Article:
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Comment Re:Looks good! (Score 1) 122

"The irony here is that Mir, which is is seen as a huge competitor to Wayland, could end up helping Wayland enourmously since Canonical doesn't seem to be afraid to pick up a phone and call people at AMD/Nvidia to talk about updating the drivers."

Well, no, Canonical is not afraid to print loud press releases about how they're talking to AMD/NVIDIA, couched as confusingly as possible to make it sound like AMD/NVIDIA are already confirmed riders on the Mir train. It's a publicity exercise. I'm sure the Wayland developers are in touch with AMD/NVIDIA as well, they just aren't as cynical as Canonical about trumpeting it loudly in press releases.

Comment Plug can't support ZFS (Score 2) 87

Unless the "plug" has a lot more RAM than your average plug-in device, Plug can't support ZFS either. ZFSoL has a minimum RAM recommendation of 2GB. ZFS also has the overhead of checksumming, which on modern non-embedded CPUs isn't a problem, but on an embedded system, present a significant overhead.

ZFS is an enterprise filesystem; it's not designed for low-end hardware.

Comment Re:Eh? (Score 5, Informative) 193

The thing you're missing is this part:

"While HP describes the backdoors as being usable only with permission of the customer, that restriction is part of HP's own customer-service rules - not a limitation built in to limit use of backdoors."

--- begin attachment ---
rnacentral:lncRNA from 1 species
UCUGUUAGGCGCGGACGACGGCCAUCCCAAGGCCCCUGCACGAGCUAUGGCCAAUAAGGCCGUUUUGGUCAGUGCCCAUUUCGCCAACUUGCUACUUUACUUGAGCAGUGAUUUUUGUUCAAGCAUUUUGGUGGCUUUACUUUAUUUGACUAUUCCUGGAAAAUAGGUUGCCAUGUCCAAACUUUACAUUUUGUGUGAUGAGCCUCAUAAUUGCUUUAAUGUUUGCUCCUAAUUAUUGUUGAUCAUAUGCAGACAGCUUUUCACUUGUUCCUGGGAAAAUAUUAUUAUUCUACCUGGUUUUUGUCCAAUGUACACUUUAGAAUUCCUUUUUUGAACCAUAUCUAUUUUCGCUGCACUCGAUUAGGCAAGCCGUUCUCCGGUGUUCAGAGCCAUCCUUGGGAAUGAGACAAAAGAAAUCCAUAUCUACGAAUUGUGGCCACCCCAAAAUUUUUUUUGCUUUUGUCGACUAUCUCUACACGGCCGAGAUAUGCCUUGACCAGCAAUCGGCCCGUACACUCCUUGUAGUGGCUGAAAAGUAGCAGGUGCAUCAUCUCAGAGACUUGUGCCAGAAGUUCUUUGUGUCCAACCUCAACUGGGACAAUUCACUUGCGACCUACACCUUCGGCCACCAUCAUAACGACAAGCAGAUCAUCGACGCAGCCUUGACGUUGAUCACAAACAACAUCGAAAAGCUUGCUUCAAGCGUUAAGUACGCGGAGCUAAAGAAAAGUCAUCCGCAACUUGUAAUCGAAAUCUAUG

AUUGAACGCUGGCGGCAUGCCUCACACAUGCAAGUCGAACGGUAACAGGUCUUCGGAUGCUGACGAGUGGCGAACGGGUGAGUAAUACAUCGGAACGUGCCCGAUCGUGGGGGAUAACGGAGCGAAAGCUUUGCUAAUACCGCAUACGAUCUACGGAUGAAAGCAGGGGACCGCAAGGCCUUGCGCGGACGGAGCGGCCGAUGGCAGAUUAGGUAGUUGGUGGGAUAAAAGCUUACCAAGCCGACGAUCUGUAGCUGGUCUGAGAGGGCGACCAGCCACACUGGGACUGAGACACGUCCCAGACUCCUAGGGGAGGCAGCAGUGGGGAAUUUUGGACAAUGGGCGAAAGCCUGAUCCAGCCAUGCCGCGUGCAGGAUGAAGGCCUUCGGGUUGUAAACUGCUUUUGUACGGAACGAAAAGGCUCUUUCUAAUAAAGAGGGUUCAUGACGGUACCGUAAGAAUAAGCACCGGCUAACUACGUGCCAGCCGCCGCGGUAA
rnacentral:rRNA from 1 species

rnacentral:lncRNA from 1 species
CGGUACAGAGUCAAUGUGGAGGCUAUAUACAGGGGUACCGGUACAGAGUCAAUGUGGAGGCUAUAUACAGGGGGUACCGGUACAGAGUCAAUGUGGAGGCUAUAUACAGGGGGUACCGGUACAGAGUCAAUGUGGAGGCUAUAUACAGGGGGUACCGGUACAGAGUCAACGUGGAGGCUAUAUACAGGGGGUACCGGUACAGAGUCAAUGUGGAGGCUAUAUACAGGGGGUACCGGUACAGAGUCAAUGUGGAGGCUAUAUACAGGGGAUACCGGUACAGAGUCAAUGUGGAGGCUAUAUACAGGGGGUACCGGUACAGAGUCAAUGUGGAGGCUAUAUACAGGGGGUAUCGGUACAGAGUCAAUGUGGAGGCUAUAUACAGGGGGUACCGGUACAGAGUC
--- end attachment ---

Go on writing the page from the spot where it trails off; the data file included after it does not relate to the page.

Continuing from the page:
i.e. there is not actually any kind of technical restriction on the use of the backdoor, there is no actual customer control over it. When they say 'we can only use it with the customer's permission' what they mean is 'we told our reps only to use it with the customer's permission and we hope they do what we say, and no-one else finds it, so now...oops'.

Comment Re:Some people are tougher than others (Score 1) 57

Your scrawny friend had what's referred to as neuromuscular strength and it has nothing to do with aerobic conditioning, and yes, it can be trained. Your friend also probably had lots of what's called "fast twitch" muscle fiber. The proportion is somewhat determined by genetics, but can be influenced by training. There are many, many measures of human strength, power, and endurance. There's three energy systems, as well - neuromuscular (1-15 sec efforts), anerobic (few minutes) and aerobic (10min and up.)

Comment Re:about those taxes (Score 1) 413


You don't pay a "road tax" in the United States. You pay registration fees, which do not even begin to cover the cost of the roads - they merely cover the cost of handling the paperwork related to your vehicle and license. Property taxes and income taxes pay roads in virtually the entire world over.

My bicycle does not weigh enough or generate enough force to cause any wear on a road surface. I ride on bike paths that haven't been paved in 20-30 years and look brand new.

  Your vehicle, especially since you're overcompensating for your small dick by having a big truck, causes enormous road wear. The wear you cause is a fourth-power function of weight.

Dumb hick.

Comment might have been able to find a better rider (Score 2) 58

As someone who has started learning about power and cycling - this was a job for an cat 1 / "elite" racer, or at least someone significantly lighter than the guy in the video. I ride pretty regularly but not competitively, and I'm able to do about 300W for a minute. That's piddlesticks in the world of racing, for my weight.